It has been demonstrated that combining the decisions of several classifiers can lead to better recognition results. The combination can be implemented using a variety of strategies, among which majority vote is by far the simplest, and yet it has been found to be just as effective as more complicated schemes in improving the recognition results. This paper examines the mode of operation of the majority vote method in order to gain a deeper understanding of how and why it works, so that a more solid basis can be provided for its future applications to different data and/or domains. In the course of our research, we have analyzed this method from its foundations and obtained many new and original results regarding its behavior. Particular attention has been directed toward the changes in the correct and error rates when classifiers are added, and conditions are derived under which their addition/elimination would be valid for the specific objectives of the application. At the same time, our theoretical findings are compared against experimental results, and these results do reflect the trends predicted by the theoretical considerations. Copyright © 1997 IEEE.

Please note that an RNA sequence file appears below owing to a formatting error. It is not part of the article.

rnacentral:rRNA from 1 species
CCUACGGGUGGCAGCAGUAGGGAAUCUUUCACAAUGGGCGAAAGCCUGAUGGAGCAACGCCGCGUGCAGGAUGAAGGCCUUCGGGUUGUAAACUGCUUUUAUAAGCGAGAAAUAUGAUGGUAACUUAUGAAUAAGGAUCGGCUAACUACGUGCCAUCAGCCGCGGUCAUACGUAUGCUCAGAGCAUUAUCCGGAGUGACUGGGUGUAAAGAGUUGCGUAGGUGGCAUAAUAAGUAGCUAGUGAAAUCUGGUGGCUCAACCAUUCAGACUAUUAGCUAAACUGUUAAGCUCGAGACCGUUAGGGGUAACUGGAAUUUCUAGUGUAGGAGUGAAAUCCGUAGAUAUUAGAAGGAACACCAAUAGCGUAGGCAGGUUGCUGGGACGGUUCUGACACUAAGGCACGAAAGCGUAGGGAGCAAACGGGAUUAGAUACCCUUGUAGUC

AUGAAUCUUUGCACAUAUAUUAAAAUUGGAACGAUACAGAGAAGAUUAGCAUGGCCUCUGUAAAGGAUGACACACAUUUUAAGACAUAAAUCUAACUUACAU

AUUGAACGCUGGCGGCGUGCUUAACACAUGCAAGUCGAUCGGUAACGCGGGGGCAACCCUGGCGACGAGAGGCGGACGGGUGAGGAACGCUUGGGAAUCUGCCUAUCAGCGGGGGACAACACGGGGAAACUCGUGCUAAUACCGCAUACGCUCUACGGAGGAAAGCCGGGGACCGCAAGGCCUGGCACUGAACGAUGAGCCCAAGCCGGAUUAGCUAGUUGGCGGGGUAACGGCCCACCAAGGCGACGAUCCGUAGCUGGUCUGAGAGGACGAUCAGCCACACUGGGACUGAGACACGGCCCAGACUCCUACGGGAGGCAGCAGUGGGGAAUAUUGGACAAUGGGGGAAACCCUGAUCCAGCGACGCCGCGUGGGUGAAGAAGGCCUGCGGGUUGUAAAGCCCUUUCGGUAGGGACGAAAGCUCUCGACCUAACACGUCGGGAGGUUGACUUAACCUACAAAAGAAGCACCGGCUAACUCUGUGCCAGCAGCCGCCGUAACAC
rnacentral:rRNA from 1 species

|Journal||IEEE Transactions on Systems, Man and Cybernetics: Part A: Systems and humans|
|Publication status||Published - Sept 1997|